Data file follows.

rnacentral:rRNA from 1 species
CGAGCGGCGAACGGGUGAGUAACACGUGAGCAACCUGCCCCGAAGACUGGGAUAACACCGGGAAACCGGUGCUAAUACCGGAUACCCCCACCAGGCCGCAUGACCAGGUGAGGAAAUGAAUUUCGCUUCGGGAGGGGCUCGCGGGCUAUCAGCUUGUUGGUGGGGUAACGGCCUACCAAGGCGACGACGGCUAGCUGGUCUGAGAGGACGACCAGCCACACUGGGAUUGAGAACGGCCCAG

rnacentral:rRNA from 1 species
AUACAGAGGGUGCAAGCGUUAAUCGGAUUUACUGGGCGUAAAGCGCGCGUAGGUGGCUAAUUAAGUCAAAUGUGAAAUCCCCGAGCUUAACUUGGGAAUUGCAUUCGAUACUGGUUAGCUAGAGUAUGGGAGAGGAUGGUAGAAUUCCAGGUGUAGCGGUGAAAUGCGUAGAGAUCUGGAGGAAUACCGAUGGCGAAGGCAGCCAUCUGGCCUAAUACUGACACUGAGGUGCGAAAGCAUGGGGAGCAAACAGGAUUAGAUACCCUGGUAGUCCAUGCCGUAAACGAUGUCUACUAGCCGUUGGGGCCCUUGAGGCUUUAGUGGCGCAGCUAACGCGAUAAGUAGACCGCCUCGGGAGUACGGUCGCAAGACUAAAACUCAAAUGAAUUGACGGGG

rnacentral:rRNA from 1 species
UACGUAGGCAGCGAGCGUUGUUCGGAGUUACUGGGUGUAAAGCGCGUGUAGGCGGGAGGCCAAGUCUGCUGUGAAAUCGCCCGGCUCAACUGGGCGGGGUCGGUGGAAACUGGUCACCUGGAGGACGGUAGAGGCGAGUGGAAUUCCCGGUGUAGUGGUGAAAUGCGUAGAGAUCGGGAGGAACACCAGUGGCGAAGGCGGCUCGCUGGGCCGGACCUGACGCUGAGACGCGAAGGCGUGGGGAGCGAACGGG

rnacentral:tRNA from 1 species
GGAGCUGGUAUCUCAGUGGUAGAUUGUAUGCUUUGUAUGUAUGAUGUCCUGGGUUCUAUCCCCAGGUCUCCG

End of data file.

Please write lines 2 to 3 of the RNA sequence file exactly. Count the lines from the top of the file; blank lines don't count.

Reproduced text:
CGAGCGGCGAACGGGUGAGUAACACGUGAGCAACCUGCCCCGAAGACUGGGAUAACACCGGGAAACCGGUGCUAAUACCGGAUACCCCCACCAGGCCGCAUGACCAGGUGAGGAAAUGAAUUUCGCUUCGGGAGGGGCUCGCGGGCUAUCAGCUUGUUGGUGGGGUAACGGCCUACCAAGGCGACGACGGCUAGCUGGUCUGAGAGGACGACCAGCCACACUGGGAUUGAGAACGGCCCAG

rnacentral:rRNA from 1 species